Multiple Region Support
Don’t put all your eggs in one basket. Spread out. So, you can have the ability to completely vacate a region if a large-scale outage occurs.
As an extension of the same logic, using multi-cloud disaster recovery would enable you to replicate your resources to a second cloud provider in another geographic region. So even when the primary environment is compromised, you can keep your services running.
Remember Murphy’s Law? “Anything that can go wrong, will go wrong.”
Disasters don’t happen very often, but unfortunately, they usually happen at an inconvenient time, with little or no warning. It is important to put thought into what to do when (not if) a component fails and plan for outlier events.
I don’t want to be stuck somewhere just because Google Maps won’t work, but I can ask someone for directions – a response plan.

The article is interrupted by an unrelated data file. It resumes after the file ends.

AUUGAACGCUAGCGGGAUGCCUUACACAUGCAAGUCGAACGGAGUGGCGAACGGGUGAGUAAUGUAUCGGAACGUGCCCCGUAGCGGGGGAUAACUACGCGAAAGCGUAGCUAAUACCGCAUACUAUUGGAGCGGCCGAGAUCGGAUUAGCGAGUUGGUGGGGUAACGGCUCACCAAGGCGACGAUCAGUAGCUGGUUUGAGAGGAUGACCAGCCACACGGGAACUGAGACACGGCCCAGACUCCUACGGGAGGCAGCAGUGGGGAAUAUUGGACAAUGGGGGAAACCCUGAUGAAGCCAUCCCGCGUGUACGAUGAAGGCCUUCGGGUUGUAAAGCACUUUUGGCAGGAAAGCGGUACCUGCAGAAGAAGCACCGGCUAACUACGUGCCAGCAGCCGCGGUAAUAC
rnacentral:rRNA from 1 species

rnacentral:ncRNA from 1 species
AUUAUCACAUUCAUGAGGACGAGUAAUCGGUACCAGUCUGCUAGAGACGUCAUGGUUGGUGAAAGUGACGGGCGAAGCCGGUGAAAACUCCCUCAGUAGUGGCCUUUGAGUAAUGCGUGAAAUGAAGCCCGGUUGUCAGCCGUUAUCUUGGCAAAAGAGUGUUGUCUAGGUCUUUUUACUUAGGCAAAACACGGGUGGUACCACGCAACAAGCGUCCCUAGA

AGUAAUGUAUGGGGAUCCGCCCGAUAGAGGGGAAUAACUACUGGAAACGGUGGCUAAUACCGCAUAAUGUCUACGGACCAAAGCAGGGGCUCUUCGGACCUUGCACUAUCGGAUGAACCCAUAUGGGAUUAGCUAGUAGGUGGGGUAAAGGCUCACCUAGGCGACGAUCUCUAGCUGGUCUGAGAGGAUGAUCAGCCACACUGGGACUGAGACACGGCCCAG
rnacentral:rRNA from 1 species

Don’t get lost! Your company needs a disaster response plan.
Disaster Recovery in 2021 can be thought of more as a thought exercise that you do to cover all the possible, if not plausible, disasters. DR is a very specific type of emergency response, so it can be the final chapter of your Incident Response plan instead of a whole new book.
Want to get great cybersecurity content delivered to your inbox? Sign up for our monthly newsletter, Tales from the Click! https://fractionalciso.com/newsletter/